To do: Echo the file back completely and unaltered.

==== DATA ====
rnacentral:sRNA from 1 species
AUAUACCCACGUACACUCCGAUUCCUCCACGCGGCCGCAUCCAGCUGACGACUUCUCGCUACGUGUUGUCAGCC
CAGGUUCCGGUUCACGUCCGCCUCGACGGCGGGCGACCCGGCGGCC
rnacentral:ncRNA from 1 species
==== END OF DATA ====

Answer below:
rnacentral:sRNA from 1 species
AUAUACCCACGUACACUCCGAUUCCUCCACGCGGCCGCAUCCAGCUGACGACUUCUCGCUACGUGUUGUCAGCC
CAGGUUCCGGUUCACGUCCGCCUCGACGGCGGGCGACCCGGCGGCC
rnacentral:ncRNA from 1 species